Complex regional pain syndrome (CRPS), also known as reflex sympathetic dystrophy (RSD), usually affects extremities such as the hands and feet, with chronic pain and wasting of tissues as its main symptoms. The pain is usually localized in a single arm, leg, hand or foot, but it can affect different areas of the body at different times. The illness is much more common than generally realized, and it may be a component of many other diseases.
Researchers haven’t pinpointed a specific cause of CRPS, but it is believed that CRPS can be triggered by an injury such as a cut, sprain or fracture. Pain, even after the most severe injury, usually disappears within six weeks as part of the healing process. However, the symptoms of CRPS can develop days, weeks, or months after an injury. The prolonged (chronic) pain caused by CRPS may be related to the inability of the sympathetic nervous system to shut down after an injury.
If diagnosed and treated early, CRPS is curable. If undiagnosed and allowed to progress, CRPS leads to permanent deformities and immobility of the limbs, and will spread to large segments of the body. At an advanced stage of the illness, all patients have significant psychiatric problems and narcotic dependency and are completely incapacitated by the disease. CRPS does not significantly decrease a patient’s lifespan, so patients face the existence of continuous severe pain.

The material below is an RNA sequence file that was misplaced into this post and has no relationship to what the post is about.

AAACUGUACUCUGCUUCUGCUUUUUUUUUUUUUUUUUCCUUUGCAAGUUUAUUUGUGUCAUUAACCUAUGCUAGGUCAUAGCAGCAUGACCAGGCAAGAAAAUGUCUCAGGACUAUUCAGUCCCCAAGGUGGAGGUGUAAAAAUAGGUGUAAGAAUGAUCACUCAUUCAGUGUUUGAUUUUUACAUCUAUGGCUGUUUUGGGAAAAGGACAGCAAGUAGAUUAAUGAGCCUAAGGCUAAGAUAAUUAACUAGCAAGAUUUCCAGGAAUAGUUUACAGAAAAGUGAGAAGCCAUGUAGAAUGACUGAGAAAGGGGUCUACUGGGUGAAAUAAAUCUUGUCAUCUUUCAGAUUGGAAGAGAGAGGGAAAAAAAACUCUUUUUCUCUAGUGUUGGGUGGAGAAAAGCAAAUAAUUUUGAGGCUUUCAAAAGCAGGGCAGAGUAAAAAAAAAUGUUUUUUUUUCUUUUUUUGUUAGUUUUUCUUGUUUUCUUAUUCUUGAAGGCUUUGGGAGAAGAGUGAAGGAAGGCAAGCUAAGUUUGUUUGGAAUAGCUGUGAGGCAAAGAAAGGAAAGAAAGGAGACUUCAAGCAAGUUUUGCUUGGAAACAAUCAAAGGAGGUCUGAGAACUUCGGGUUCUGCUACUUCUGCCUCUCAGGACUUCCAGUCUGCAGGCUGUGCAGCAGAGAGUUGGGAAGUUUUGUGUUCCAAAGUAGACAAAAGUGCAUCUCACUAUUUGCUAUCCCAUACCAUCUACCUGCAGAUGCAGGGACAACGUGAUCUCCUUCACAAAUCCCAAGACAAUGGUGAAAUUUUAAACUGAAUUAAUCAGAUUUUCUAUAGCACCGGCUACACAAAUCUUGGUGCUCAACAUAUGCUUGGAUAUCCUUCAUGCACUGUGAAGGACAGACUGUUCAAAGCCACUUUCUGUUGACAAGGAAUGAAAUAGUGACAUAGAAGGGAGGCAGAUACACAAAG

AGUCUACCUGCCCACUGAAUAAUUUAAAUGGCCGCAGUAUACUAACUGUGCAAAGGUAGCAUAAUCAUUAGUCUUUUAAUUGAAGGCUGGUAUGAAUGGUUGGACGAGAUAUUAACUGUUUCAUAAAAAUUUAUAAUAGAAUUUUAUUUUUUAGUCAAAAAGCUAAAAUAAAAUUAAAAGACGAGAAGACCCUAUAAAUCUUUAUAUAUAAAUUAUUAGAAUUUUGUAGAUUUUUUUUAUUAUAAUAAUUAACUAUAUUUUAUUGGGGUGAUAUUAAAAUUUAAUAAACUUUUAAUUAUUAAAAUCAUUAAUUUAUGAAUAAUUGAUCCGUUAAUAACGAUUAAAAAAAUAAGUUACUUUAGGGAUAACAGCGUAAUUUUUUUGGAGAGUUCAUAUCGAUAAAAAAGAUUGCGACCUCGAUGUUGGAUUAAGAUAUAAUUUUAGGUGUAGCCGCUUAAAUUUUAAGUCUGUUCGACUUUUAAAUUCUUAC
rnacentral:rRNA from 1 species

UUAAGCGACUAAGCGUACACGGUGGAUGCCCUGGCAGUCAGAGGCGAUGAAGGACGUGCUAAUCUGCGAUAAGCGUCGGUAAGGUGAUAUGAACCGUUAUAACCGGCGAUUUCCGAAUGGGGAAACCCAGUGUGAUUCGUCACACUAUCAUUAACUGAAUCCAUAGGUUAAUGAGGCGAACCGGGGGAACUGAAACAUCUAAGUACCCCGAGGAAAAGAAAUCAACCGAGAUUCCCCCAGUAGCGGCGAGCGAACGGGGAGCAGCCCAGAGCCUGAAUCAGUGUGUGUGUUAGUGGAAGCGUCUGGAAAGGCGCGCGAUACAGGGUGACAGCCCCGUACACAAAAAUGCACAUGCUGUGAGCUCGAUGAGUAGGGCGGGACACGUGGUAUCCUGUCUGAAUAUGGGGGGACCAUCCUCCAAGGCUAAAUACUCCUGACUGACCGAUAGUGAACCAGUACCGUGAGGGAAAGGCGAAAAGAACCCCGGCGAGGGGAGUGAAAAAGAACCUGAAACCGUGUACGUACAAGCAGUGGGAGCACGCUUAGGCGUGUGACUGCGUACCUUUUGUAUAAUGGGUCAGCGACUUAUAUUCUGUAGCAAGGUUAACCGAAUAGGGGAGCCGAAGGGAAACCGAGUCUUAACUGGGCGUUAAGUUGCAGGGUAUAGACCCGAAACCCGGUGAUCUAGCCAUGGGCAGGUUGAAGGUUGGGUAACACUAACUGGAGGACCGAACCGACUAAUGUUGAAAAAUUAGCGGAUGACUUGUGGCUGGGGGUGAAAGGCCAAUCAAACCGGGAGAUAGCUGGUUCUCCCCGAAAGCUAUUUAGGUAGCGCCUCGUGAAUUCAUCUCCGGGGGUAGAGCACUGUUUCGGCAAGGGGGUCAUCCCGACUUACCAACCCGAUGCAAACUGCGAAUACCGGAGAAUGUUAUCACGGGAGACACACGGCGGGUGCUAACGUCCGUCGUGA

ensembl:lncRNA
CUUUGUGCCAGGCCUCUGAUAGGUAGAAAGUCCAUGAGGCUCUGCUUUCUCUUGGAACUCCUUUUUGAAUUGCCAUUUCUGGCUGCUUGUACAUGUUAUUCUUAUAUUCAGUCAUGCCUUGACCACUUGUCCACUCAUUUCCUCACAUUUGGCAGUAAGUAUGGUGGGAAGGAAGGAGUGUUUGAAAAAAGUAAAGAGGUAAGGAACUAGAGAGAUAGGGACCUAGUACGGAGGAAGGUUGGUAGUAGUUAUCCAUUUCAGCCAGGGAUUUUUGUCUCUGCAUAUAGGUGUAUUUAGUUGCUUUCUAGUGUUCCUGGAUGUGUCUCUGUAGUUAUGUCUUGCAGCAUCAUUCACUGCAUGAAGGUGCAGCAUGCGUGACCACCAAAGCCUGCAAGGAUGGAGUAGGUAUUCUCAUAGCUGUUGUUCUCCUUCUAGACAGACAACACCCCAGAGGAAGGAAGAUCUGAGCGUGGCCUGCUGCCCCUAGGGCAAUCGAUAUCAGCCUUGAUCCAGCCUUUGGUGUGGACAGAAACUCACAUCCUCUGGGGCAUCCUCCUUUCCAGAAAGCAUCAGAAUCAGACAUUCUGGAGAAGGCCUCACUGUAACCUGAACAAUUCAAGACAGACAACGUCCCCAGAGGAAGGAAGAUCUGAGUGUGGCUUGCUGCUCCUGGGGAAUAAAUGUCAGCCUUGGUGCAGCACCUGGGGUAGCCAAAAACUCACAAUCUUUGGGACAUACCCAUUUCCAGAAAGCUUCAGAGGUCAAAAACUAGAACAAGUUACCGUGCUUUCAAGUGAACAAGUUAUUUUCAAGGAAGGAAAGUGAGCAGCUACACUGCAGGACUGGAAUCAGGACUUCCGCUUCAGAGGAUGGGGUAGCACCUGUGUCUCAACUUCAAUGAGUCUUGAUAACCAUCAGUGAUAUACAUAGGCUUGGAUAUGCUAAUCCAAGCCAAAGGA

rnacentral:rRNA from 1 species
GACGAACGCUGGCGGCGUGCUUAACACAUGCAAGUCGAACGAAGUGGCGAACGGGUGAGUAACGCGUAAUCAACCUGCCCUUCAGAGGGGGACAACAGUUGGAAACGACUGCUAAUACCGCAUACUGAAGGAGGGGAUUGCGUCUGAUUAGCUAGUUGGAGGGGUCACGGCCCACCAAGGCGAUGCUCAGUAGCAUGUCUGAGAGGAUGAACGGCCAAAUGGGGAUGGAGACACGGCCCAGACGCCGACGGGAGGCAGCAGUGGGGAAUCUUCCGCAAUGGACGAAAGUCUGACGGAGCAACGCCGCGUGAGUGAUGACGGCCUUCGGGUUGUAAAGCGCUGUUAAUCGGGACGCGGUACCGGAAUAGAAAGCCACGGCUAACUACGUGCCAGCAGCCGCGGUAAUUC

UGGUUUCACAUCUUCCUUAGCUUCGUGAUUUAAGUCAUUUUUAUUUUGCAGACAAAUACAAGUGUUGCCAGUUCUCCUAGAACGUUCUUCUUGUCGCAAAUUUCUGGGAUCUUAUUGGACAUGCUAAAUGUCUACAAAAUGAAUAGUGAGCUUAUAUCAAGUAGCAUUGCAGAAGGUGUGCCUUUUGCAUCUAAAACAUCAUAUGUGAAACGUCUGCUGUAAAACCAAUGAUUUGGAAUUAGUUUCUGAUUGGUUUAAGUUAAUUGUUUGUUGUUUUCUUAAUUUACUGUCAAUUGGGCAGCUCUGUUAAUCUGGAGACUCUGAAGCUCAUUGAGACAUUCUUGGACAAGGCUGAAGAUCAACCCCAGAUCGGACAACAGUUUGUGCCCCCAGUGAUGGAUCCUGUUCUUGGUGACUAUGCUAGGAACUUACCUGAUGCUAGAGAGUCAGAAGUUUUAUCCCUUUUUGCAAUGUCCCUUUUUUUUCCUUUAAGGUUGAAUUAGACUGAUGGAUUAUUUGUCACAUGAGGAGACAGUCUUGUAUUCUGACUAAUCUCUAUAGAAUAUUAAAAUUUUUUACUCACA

If you believe that you may be suffering from CRPS as the result of an injury or accident, we urge you to immediately call us at 1-800-718-4658 for a free, confidential consultation. Let our skilled California CRPS lawyers advise you of your legal rights. Call now.
Symptoms of CRPS
1. Pain: constant, burning pain, and in some forms at times during the course of the disease, a stabbing type of pain (causalgic). The pain is chronic and is accompanied by allodynia (even a simple touch or breeze can aggravate the pain) and hyperpathia (painful response to even a simple stimulation.)
The pain and suffering from an injury does not diminish in the initial stages of CRPS. Instead, it gets worse, often spreading from the injury site to other parts of the limb, the opposite limb or other parts of the body.
2. Skin & Muscle Spasms: Spasms in the blood vessels of the skin and muscles of the extremities. The spasms in the blood vessels result in a cold extremity. The muscle spasms result in tremor, movement disorders such as dystonia, flexion spasm, weakness and clumsiness of the extremities, and tendency to fall.
3. Inflammation: CRPS is accompanied by a certain degree of inflammation in practically all cases. This inflammation may be in the form of: swelling (edema), skin rash (neurodermatitis), inflammatory changes of the skin color (mottled or purplish, bluish or reddish or pale discolorations), the skin may feel “hot” to the touch, tendency for bleeding in the skin, skin becoming easily bruised, inflammation and swelling around the joints as well as in the joints (such as wrists, shoulders, knee, etc.) which can be identified on MRI in later stages, and secondary freezing of the joints.